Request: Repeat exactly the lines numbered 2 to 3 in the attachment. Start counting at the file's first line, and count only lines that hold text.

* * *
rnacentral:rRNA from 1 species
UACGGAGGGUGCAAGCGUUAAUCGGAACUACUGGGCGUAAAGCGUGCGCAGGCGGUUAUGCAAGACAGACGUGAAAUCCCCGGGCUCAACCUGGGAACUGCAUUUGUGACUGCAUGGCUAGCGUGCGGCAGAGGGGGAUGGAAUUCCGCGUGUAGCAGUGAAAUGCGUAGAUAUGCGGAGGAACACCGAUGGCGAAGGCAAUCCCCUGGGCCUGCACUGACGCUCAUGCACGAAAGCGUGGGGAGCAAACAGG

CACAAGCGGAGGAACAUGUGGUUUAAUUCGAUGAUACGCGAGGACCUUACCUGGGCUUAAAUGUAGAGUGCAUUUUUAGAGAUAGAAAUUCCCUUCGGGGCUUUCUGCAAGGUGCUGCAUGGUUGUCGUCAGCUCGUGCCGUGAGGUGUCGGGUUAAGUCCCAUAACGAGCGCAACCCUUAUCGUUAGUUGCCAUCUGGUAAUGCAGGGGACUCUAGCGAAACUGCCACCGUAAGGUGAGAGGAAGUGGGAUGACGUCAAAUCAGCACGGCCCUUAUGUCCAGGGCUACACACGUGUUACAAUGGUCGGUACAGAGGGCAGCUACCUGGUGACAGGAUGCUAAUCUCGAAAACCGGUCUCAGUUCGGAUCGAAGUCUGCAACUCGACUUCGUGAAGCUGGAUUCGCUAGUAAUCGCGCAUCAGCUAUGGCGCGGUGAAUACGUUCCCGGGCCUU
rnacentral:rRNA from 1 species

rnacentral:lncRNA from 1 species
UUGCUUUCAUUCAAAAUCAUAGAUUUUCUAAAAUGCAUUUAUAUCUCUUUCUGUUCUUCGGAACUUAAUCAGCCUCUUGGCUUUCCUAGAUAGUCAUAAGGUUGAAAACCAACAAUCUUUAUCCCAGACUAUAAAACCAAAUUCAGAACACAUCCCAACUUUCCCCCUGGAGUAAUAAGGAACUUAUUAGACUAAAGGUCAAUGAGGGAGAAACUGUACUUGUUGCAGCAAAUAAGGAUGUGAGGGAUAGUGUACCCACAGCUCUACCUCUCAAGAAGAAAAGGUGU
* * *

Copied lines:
UACGGAGGGUGCAAGCGUUAAUCGGAACUACUGGGCGUAAAGCGUGCGCAGGCGGUUAUGCAAGACAGACGUGAAAUCCCCGGGCUCAACCUGGGAACUGCAUUUGUGACUGCAUGGCUAGCGUGCGGCAGAGGGGGAUGGAAUUCCGCGUGUAGCAGUGAAAUGCGUAGAUAUGCGGAGGAACACCGAUGGCGAAGGCAAUCCCCUGGGCCUGCACUGACGCUCAUGCACGAAAGCGUGGGGAGCAAACAGG

CACAAGCGGAGGAACAUGUGGUUUAAUUCGAUGAUACGCGAGGACCUUACCUGGGCUUAAAUGUAGAGUGCAUUUUUAGAGAUAGAAAUUCCCUUCGGGGCUUUCUGCAAGGUGCUGCAUGGUUGUCGUCAGCUCGUGCCGUGAGGUGUCGGGUUAAGUCCCAUAACGAGCGCAACCCUUAUCGUUAGUUGCCAUCUGGUAAUGCAGGGGACUCUAGCGAAACUGCCACCGUAAGGUGAGAGGAAGUGGGAUGACGUCAAAUCAGCACGGCCCUUAUGUCCAGGGCUACACACGUGUUACAAUGGUCGGUACAGAGGGCAGCUACCUGGUGACAGGAUGCUAAUCUCGAAAACCGGUCUCAGUUCGGAUCGAAGUCUGCAACUCGACUUCGUGAAGCUGGAUUCGCUAGUAAUCGCGCAUCAGCUAUGGCGCGGUGAAUACGUUCCCGGGCCUU